Maryann Makosiej/The Vermont Cynic
On the same day that some UVM students returned to campus in preparation for the fall semester, roughly 30 people stood outside UVM’s Waterman building to protest the school’s plans to reopen.
Organized by UVM staff, alumni, students and Burlington City Councilors, many speakers expressed dismay at the perceived lack of transparency surrounding the decision for students to physically come back to campus.
City councilors in attendance included Jane Stromberg, Jack Hanson, Ali Dieng, Zoraya Hightower and Max Tracy. Students and professors gathered outside as well. All attendees wore masks.
“When I talk about putting people before profit, this is literally exactly what I mean,” Stromberg said. “Not a single life should be lost because students don’t have a choice about whether to be physically back on campus.”
However, according to a July 2 email from Provost Patricia Prelock, UVM’s reopening plan includes a stay-at-home option where students are able to choose not to return to Burlington and take all classes remotely or online. Those that did not elect the stay-at-home option have the possibility of attending in-person classes.
Cobalt Tolbert, a student at UVM and community organizer, questioned the utility of requiring students to sign the Green and Gold Promise, a contract to follow, “all social distancing and health and safety protocols, including regular mandatory COVID-19 testing and health screening checks”, according to the UVM website.
“Essentially the administration, by putting forth their plan, is putting all the emphasis on students,” Tolbert said. “Students are going to socialize no matter what Green and Gold promise you sign.”
Other speakers expressed dismay at sightings of off-campus student parties and questioned the perceived lack of direction in handling large congregations.
No protocol for reporting off-campus social gatherings that violate COVID protocols is listed on the UVM website or Burlington Police Department. Lacy Smith, the Burlington Police Department Community Affairs Liaison and UVM Police Chief Timothy Bilodeau could not be reached for comment.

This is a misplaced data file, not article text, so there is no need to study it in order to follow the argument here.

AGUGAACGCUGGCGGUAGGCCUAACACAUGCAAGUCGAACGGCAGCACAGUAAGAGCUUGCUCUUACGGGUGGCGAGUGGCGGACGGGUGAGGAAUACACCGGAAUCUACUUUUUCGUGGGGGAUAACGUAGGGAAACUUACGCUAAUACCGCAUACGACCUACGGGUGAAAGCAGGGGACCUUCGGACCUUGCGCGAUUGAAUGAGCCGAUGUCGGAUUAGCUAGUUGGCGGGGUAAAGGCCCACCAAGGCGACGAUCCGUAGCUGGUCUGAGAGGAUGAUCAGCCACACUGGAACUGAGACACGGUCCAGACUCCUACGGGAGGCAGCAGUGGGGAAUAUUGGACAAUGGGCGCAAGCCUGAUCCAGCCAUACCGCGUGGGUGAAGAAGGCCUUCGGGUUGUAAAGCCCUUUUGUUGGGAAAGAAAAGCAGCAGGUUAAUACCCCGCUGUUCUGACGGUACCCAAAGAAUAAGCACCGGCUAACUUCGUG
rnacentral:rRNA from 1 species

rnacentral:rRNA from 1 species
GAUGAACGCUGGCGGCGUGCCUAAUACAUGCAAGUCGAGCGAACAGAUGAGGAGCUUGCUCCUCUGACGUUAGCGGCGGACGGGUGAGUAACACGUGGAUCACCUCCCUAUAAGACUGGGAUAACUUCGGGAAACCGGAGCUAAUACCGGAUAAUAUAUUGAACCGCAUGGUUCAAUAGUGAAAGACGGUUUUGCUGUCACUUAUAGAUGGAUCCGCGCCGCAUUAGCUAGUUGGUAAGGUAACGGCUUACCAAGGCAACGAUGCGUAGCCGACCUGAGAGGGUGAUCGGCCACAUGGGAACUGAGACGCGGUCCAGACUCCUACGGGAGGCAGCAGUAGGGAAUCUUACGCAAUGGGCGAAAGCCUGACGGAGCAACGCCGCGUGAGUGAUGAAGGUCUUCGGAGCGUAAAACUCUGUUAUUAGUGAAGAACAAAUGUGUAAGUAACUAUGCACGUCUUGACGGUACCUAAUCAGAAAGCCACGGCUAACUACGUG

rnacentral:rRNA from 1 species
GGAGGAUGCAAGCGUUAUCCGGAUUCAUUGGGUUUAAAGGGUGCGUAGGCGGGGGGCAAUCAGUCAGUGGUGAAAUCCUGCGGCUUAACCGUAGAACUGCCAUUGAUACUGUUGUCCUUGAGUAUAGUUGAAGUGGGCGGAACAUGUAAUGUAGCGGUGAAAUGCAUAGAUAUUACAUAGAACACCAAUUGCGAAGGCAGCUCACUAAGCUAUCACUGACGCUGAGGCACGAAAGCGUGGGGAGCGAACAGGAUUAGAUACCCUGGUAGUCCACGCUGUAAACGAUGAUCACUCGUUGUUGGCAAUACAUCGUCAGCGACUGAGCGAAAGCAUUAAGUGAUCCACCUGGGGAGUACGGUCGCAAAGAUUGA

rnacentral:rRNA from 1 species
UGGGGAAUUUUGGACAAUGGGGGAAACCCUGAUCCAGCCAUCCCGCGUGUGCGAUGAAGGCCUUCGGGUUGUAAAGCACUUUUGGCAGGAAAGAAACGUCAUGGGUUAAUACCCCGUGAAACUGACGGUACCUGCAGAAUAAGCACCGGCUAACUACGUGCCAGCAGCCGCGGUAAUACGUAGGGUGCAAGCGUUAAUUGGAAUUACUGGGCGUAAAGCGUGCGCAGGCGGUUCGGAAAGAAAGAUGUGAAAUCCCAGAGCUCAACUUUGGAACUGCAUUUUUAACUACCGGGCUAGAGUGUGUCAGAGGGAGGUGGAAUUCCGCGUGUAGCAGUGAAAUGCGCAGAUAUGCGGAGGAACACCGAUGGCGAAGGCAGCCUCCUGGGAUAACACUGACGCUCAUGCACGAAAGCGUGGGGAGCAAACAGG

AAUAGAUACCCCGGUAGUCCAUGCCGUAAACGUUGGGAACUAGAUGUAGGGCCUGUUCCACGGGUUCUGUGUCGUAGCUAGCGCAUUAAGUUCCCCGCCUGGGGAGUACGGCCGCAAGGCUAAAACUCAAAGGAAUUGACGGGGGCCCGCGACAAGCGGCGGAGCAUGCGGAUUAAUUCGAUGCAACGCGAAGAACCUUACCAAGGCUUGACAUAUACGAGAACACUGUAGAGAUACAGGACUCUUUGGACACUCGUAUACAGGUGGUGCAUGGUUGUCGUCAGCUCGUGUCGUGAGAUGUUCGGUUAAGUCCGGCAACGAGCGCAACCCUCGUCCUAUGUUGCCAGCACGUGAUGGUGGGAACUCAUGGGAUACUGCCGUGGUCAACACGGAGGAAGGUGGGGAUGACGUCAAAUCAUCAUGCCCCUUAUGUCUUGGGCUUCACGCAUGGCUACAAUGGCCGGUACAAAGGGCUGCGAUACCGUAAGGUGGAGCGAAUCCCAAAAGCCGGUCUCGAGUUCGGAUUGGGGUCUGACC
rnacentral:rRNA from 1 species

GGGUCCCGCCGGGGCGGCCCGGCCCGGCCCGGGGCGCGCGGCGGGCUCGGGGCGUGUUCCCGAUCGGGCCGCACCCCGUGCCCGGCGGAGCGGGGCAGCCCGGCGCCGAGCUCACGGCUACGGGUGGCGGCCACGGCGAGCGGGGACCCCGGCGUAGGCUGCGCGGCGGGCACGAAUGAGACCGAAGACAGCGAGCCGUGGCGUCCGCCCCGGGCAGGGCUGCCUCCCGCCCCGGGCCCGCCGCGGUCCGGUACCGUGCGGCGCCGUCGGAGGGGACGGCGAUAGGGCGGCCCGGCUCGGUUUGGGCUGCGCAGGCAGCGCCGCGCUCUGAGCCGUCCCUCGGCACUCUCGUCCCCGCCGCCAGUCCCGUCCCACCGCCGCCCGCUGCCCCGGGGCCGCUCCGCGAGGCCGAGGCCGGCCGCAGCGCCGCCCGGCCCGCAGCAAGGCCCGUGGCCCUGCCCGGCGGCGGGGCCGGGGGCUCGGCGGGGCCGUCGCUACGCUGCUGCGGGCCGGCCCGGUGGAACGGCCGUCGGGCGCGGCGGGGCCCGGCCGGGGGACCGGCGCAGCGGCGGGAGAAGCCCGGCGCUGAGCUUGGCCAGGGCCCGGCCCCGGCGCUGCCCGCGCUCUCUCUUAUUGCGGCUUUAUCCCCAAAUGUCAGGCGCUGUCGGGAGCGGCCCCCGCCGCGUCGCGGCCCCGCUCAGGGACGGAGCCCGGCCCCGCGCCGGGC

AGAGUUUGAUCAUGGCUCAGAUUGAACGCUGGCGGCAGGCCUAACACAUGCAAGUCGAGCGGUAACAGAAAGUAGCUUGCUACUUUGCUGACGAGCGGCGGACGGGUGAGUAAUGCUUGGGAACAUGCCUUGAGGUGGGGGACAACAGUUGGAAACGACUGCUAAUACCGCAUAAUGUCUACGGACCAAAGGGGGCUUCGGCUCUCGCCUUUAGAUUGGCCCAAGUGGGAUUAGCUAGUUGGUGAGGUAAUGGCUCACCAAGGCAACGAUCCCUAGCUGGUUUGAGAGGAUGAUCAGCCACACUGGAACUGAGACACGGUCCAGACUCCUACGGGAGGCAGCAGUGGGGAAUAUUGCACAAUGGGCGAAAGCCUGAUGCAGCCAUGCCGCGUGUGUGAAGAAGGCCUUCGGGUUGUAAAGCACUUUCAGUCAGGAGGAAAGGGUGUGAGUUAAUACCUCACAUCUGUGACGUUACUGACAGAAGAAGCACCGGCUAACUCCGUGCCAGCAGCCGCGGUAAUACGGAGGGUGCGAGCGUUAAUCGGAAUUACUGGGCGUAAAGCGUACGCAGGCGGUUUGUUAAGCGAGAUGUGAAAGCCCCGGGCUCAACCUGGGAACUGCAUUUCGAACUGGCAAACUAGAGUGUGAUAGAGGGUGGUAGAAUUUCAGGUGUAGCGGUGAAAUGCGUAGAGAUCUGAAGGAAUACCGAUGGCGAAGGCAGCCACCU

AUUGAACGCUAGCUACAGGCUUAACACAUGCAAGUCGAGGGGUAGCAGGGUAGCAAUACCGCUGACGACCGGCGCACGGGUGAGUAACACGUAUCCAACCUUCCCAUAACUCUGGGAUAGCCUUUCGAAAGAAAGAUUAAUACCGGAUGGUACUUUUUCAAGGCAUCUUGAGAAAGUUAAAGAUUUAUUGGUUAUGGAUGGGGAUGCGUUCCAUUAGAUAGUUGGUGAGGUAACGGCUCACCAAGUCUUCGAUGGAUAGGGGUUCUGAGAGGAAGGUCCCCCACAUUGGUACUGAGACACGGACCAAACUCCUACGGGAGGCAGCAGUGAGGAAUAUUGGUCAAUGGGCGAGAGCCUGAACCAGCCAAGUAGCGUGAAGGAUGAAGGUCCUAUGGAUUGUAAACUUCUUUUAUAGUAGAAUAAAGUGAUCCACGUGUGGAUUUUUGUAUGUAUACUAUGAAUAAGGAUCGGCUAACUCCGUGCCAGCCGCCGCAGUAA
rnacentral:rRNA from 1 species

“These parties need to stop. You work in the school, in multiple businesses, provide child care for families that are working,” City Councilor Ali Dieng said. “Stop the parties, wear a mask, and get tested.”
Some UVM faculty expressed worry at the possibility of inaccurate and untimely testing.
“What happens if a test comes back a couple of days late or infection isn’t detected?” Geology Professor Paul Bierman said. “We need that kind of transparency.”
Under the UVM Safe and Healthy Return to Campus plan, students will be tested for COVID-19 numerous times in the first five weeks of school, with the University estimating it will conduct between 11,000 and 12,000 tests per week according to an Aug. 10 VTDigger article. document can be found here.
Marcus Weinman, a graduate student in the Stafford Lab, said that he believes he and his colleagues are not properly acknowledged in the reopening plan nor protected on campus.
“We have a department head right now scrambling to try and find face shields, masks, gloves,” Weinman said. “We want better communication than a Microsoft Teams town hall.”
UVM Union Of Students has put forth a list of demands and an open letter to the UVM administration concerning reopening. It currently has signatures from seven organizations and 93 individuals as of Aug. 15.
Another petition put forth by members of the community to college, city and state leaders has also been circulating.
The University is also under pressure from Burlington Mayor Miro Weinberger. The Mayor sent a letter to President Suresh Garimella Aug. 5 underscoring concerns about UVM’s reopening plan. In response, Garimella doubled down in defense of UVM’s plan in an op-ed that was published by Inside Higher Ed on Aug. 10.